Jason Paluch in the US

  1. #6,017,068 Jason Palma
  2. #6,017,069 Jason Palmertree
  3. #6,017,070 Jason Palomo
  4. #6,017,071 Jason Palos
  5. #6,017,072 Jason Paluch
  6. #6,017,073 Jason Pangburn
  7. #6,017,074 Jason Paniagua
  8. #6,017,075 Jason Paoletti
  9. #6,017,076 Jason Paoli
people in the U.S. have this name View Jason Paluch on WhitePages Raquote

Meaning & Origins

English form of the Greek name Iasōn, borne in classical mythology by a hero, leader of the Argonauts, who sailed to Colchis in search of the Golden Fleece, enduring many hardships and adventures. The sorceress Medea fell in love with him and helped him to obtain the Fleece; they escaped together and should have lived happily ever after. However, Jason fell in love with another woman and deserted Medea. Medea took her revenge by killing her rival, but Jason himself survived to be killed in old age by one of the rotting timbers of his ship, the Argo, falling on his head. The classical Greek name Iasōn probably derives from Greek iasthai ‘to heal’. In New Testament Greek, the name probably represents a classicized form of Joshua. It was borne by an early Christian in Thessalonica, at whose house St Paul stayed (Acts 17:5–9; Romans 16:21). Probably for this reason, it enjoyed some use among the Puritans in the 16th and 17th centuries. The name has been used for various characters in films and television series, and in the mid-20th century it enjoyed a sudden burst of popularity, although it was also the subject of some rather surprising hostility. Among popular non-fictional bearers of the name are the film actor Jason Robards (1922–2000), his father (1893–1963), also a film actor, and, more recently, the Australian actor Jason Donovan (b. 1968).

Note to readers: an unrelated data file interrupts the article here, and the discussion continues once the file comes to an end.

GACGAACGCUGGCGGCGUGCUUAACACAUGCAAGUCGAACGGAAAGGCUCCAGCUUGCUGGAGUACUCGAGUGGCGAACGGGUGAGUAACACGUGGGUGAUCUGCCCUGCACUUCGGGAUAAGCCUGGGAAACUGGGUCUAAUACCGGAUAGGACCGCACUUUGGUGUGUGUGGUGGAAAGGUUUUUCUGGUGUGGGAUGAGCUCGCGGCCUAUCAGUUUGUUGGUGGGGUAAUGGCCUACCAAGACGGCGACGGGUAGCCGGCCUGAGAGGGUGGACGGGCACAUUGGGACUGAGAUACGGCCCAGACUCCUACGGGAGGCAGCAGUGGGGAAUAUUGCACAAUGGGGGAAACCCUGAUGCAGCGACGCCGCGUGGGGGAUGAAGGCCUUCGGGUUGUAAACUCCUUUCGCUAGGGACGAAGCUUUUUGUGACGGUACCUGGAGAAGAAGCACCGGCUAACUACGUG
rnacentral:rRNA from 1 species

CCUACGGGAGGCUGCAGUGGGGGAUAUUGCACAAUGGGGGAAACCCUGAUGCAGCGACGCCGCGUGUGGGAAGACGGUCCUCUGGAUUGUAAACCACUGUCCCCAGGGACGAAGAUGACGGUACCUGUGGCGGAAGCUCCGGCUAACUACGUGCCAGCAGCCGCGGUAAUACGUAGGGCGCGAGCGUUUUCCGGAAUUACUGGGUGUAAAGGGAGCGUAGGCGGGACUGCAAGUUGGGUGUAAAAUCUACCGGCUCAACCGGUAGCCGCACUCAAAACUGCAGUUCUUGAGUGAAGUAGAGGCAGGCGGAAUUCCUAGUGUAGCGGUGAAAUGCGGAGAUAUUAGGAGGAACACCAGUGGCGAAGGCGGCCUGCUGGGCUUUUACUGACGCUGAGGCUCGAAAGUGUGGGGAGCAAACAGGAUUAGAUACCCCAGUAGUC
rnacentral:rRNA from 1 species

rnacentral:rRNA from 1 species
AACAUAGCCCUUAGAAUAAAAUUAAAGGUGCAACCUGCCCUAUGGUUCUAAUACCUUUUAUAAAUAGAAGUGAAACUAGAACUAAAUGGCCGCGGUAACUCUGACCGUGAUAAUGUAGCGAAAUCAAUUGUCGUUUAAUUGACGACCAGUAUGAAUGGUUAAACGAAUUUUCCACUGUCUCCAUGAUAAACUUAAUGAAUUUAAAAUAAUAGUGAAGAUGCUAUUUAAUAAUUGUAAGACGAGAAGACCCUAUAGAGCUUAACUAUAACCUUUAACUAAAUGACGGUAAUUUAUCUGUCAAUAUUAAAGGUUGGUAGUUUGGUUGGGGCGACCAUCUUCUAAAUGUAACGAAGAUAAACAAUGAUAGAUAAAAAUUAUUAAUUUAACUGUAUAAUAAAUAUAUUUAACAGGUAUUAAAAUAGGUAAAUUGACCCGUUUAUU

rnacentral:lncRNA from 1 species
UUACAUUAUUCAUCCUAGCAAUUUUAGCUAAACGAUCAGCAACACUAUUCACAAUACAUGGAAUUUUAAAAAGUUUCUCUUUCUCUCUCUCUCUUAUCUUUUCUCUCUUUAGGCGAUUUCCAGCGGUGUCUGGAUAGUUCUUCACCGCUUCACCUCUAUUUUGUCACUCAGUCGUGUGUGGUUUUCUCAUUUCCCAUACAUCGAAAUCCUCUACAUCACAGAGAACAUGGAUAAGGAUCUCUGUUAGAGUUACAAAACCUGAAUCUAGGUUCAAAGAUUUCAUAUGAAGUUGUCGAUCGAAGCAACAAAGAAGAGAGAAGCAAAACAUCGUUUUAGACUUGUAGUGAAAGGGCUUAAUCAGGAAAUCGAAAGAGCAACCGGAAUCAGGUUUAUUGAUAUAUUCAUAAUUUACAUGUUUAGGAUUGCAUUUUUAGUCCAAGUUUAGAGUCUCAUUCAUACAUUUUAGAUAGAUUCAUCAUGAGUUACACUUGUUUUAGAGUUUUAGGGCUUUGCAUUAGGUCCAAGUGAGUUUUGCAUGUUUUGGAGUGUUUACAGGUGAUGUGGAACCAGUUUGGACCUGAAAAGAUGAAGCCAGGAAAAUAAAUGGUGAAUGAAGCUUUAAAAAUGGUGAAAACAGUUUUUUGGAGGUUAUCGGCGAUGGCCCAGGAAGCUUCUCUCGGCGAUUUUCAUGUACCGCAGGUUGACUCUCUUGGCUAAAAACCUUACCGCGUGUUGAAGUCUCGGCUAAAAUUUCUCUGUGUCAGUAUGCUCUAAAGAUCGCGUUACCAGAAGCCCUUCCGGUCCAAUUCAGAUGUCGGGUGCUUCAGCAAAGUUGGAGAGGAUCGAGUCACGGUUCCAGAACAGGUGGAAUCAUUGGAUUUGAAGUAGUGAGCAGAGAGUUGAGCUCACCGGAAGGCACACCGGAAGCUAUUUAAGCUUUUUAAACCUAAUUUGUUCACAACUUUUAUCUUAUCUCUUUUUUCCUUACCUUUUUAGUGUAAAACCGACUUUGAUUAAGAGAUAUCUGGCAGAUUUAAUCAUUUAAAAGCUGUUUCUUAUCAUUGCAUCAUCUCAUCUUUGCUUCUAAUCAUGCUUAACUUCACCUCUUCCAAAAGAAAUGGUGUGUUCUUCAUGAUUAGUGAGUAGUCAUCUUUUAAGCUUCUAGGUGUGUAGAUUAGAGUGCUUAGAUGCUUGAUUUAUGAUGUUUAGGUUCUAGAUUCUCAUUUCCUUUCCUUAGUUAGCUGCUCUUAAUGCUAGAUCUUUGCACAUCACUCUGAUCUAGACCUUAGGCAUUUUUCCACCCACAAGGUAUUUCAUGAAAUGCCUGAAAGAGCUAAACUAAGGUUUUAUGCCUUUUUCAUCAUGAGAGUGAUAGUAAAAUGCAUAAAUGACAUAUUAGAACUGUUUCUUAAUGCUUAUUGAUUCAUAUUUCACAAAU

36th in the U.S.
Polish: from paluch ‘thumb’ (augmentative of palec ‘finger’), hence a nickname used to denote a small person or a dwarf, or possibly a descriptive nickname for someone with a deformed or missing thumb.
18,988th in the U.S.

Nicknames & variations

Top state populations